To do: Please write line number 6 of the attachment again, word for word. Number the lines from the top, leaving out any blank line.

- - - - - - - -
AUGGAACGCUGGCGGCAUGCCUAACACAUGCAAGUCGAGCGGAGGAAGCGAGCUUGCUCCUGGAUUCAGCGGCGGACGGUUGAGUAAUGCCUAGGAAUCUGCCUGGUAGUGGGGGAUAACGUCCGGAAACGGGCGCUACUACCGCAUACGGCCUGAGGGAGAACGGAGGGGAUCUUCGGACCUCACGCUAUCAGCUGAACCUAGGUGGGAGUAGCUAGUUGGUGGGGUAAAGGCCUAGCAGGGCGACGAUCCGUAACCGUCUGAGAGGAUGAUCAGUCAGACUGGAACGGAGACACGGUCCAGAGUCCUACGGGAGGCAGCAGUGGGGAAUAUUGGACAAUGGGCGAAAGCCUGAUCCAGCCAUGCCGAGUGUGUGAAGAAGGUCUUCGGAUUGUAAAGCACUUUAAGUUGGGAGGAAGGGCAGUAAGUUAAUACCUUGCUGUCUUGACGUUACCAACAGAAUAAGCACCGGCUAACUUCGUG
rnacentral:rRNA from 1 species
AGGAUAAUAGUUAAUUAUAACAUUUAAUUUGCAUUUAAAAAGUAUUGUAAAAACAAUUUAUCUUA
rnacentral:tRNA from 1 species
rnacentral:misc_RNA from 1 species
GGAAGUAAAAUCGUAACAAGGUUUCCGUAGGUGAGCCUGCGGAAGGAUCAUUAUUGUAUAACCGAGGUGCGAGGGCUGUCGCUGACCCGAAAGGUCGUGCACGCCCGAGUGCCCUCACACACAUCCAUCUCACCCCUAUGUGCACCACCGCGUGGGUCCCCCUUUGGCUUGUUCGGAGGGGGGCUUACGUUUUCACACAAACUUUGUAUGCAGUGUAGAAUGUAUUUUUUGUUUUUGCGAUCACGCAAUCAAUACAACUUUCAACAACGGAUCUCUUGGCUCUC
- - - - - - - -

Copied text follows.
GGAAGUAAAAUCGUAACAAGGUUUCCGUAGGUGAGCCUGCGGAAGGAUCAUUAUUGUAUAACCGAGGUGCGAGGGCUGUCGCUGACCCGAAAGGUCGUGCACGCCCGAGUGCCCUCACACACAUCCAUCUCACCCCUAUGUGCACCACCGCGUGGGUCCCCCUUUGGCUUGUUCGGAGGGGGGCUUACGUUUUCACACAAACUUUGUAUGCAGUGUAGAAUGUAUUUUUUGUUUUUGCGAUCACGCAAUCAAUACAACUUUCAACAACGGAUCUCUUGGCUCUC